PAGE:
The year in review: Turkey's top news stories of 2023

Turkey's 2023 was a year marked with major Feb. 6 earthquakes, an intensely polarizing election campaign period, President Erdoğan's re-election, a judicial crisis between top courts, and ended with a diplomatic football crisis in Saudi Arabia. In March 2024, the local elections are awaiting Turkey as the first test.

Duvar English

In 2023, Turkey experienced significant events, including major earthquakes that struck the southeast, a highly divisive election campaign, President Recep Tayyip Erdoğan's and his Justice and Development Party's (AKP) re-election, a judicial crisis among top courts, a leadership change in the main opposition Republican People's Party (CHP), and more. 

The diplomatic football crisis in Saudi Arabia concluded the year which was the centennial of the foundation of the Republic of Turkey.

In 2024, Turkey and political parties face their initial challenge with the local elections to be held on March 31.

Feb. 6 earthquakes

Turkey’s southeastern region was struck by two major earthquakes on Feb. 6, one at a magnitude of 7.7 and the other at 7.6, and more than 50,000 people died according to the official figures. The quakes affected 11 provinces in the region.

Experts stated that the death toll would be much higher, taking into consideration the thousands of buildings that collapsed.

The effects of the earthquake are still not over, especially in provinces like southern Hatay. Opposition politicians say the government has discriminated against some districts due to their little support to the ruling Justice and Development Party (AKP) and their demographic structure.

Still, thousands of citizens live in tents and containers, and others migrated to different provinces.

The Turkish government faced intense criticism over its failure to take timely action in the face of two earthquakes regarding search and rescue efforts, debris removal operations and providing sufficient aid.

The Turkish Red Crescent (Kızılay) also faced criticism for selling tents to the social assistance organization AHBAP for 46 million liras on the 3rd day of major earthquakes.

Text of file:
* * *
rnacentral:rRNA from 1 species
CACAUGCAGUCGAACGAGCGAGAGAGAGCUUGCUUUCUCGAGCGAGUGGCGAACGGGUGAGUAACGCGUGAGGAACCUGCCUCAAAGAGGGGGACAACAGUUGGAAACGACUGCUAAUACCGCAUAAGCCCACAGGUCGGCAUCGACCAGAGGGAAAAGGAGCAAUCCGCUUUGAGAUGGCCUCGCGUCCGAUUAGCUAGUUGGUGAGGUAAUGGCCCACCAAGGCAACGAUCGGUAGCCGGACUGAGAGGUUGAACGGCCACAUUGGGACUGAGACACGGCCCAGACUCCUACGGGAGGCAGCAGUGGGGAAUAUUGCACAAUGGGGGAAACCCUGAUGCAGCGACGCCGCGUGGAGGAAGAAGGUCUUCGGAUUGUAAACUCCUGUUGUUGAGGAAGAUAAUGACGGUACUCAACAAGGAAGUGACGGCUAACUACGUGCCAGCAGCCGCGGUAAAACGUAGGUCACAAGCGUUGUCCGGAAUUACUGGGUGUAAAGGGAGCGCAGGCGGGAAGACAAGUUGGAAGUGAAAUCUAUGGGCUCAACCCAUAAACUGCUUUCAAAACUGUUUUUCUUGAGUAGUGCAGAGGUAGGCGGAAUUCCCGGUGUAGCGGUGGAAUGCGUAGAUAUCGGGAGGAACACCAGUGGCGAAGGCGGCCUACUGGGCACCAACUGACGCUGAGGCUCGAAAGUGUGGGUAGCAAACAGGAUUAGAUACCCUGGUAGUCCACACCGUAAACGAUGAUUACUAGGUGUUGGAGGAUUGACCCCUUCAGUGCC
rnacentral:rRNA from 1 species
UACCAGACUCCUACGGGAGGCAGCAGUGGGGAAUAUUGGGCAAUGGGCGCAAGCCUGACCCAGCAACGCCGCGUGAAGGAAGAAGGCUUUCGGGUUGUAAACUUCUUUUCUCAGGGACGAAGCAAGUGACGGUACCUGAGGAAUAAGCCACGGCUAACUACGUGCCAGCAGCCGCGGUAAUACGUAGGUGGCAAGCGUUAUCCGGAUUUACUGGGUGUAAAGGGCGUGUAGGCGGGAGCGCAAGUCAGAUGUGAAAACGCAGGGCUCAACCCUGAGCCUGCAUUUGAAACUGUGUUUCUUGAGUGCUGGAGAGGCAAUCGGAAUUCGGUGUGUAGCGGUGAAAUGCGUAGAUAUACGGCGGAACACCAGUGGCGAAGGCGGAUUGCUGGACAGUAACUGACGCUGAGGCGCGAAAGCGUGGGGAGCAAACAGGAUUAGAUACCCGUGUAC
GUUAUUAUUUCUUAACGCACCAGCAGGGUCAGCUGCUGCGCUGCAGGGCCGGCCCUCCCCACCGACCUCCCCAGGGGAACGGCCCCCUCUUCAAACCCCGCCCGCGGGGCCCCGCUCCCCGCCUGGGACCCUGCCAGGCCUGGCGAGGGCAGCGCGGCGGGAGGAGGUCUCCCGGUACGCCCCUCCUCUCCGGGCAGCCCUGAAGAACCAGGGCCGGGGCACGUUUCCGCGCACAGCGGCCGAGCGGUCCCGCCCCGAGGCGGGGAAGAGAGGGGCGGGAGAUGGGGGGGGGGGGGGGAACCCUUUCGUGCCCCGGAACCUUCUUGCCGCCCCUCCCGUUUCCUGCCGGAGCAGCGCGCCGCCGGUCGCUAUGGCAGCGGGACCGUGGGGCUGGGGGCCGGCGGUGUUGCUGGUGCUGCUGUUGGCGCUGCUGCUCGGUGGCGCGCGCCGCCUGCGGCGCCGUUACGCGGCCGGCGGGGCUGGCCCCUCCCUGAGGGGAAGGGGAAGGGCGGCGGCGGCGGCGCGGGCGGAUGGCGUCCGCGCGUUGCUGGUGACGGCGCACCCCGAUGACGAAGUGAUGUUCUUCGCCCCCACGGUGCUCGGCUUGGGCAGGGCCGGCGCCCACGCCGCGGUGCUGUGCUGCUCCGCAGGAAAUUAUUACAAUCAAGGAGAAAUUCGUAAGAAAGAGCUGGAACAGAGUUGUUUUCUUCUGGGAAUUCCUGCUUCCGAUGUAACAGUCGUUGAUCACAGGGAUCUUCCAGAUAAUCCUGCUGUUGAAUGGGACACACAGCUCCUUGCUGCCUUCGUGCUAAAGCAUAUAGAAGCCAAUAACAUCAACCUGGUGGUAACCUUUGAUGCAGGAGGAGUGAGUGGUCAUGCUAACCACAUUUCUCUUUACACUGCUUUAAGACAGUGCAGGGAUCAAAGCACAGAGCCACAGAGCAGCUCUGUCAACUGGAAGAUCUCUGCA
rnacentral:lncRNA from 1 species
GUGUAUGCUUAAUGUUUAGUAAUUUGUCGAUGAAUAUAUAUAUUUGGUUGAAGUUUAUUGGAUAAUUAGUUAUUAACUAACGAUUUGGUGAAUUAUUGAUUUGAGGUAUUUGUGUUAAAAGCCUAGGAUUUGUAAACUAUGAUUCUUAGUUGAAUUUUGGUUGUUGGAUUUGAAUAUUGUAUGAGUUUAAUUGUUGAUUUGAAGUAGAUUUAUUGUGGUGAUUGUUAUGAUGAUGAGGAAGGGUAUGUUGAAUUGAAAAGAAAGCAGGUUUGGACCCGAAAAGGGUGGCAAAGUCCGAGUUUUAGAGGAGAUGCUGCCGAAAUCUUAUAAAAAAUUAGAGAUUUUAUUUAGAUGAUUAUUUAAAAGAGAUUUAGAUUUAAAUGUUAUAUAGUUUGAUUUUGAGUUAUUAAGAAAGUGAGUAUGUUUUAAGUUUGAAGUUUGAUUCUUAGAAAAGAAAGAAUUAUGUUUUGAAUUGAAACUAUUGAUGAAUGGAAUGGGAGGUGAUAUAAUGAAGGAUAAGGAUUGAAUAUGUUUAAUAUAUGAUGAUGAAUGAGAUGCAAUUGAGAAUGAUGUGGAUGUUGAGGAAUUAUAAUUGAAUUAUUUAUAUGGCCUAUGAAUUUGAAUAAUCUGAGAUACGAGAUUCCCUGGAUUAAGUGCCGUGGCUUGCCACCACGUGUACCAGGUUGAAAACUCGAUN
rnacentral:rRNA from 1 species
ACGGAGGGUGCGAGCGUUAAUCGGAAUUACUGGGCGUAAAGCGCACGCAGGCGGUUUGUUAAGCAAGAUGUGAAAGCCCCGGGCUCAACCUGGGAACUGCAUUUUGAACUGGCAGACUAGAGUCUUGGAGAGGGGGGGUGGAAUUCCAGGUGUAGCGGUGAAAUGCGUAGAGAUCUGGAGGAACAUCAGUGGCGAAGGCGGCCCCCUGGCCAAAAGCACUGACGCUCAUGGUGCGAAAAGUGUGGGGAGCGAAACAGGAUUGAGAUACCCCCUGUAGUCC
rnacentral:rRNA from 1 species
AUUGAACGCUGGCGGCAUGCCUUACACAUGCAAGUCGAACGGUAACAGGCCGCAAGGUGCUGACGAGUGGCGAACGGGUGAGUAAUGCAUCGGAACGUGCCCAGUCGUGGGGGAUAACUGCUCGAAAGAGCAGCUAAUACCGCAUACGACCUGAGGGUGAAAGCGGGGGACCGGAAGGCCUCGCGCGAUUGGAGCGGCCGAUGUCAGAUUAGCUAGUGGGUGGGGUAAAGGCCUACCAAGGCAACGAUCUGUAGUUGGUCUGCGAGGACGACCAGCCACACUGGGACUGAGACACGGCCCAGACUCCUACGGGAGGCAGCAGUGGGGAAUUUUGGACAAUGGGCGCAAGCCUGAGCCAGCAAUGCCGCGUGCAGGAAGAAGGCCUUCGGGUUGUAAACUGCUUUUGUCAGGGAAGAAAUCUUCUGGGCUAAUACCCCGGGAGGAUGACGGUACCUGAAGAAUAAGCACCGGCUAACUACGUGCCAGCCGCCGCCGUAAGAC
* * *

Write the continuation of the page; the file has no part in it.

In the aftermath of the quakes, a 2019 video of Turkish President Recep Tayyip Erdoğan in which he boasted about the construction amnesty granted in the earthquake-stricken southeastern Kahramanmaraş province went viral on social media. The province was the epicenter of two major quakes.

The quakes also affected Syria. 

Presidential and General Elections

Only three months after the earthquakes, Turkey held presidential and general elections in May after a very intense and polarizing campaign period.

In the first round of the presidential election, Recep Tayyip Erdoğan received 49.52% of the votes, whereas main opposition Nation Alliance’s candidate Kılıçdaroğlu received 44.88%, and ultra-nationalist Sinan Oğan received 5.17%. Despite withdrawing from the race days before, Muharrem İnce received 0.43%.

During the pre-election period, President Recep Tayyip Erdoğan and the ruling AKP adopted increasingly targeting rhetoric against the country's LGBTI+ community.

As polarization increased, physical attacks also occurred. Ultra-nationalists attacked and threw stones at the election bus of main opposition Republican People’s Party (CHP) Istanbul Mayor Ekrem İmamoğlu while he was addressing citizens during a rally in the eastern province of Erzurum on May 7.

Erdoğan also accused the opposition and Kılıçdaroğlu of “collaborating with the terrorist organizations and their political affiliations,” referring to the PKK. 

In response to the harsh polarizing rhetoric, Kılıçdaroğlu adopted a softer language. Making a heart shape with hands became an emblem of Kılıçdaroğlu.

In the second round of the election, Erdoğan received 52.18% of the votes against Kılıçdaroğlu and extended his term for five more years.

Similarly in the general elections, the ruling People’s Alliance garnered the majority of the seats with 323 seats out of 600.

On the other hand, the pro-Kurdish Green Left Party (YSP) garnered 61 seats.

Aftermath of the election

Erdoğan chose former Wall Street banker Hafize Gaye Erkan as central bank chief after his May re-election. She has led a policy U-turn to relieve an economy strained by depleted FX reserves and surging inflation expectations.

The new economic team under Finance Minister Mehmet Şimşek also eased the state's grip on foreign exchange markets and moved away from unorthodox policies and regulations.

The central bank has increased the rate by 3,400 basis points since June following the elections.

Erdoğan changed the whole cabinet except two ministers. 

Leadership change in the CHP

Following the electoral defeat, the CHP held an ordinary congress on Nov. 5. The party’s parliamentary group chair Özgür Özel defeated Kılıçdaroğlu, ending his 13-year rule as party leader.

Istanbul Mayor Ekrem İmamoğlu and Özgür Özel were leading “the reformist” bloc within the party against “the status quoists.”  

The İYİ Party’s decline

After the elections, the opposition right-wing İYİ (Good) leader Meral Akşener openly criticized the alliance system, saying it fueled polarization in the country. 

Before the elections, Akşener had first rejected Kılıçdaroğlu’s presidential candidacy, saying Ekrem İmamoğlu or Mansur Yavaş would be a better fit. Akşener accepted Kılıçdaroğlu’s candidacy after İmamoğlu and Yavaş’s vice-presidential candidacy.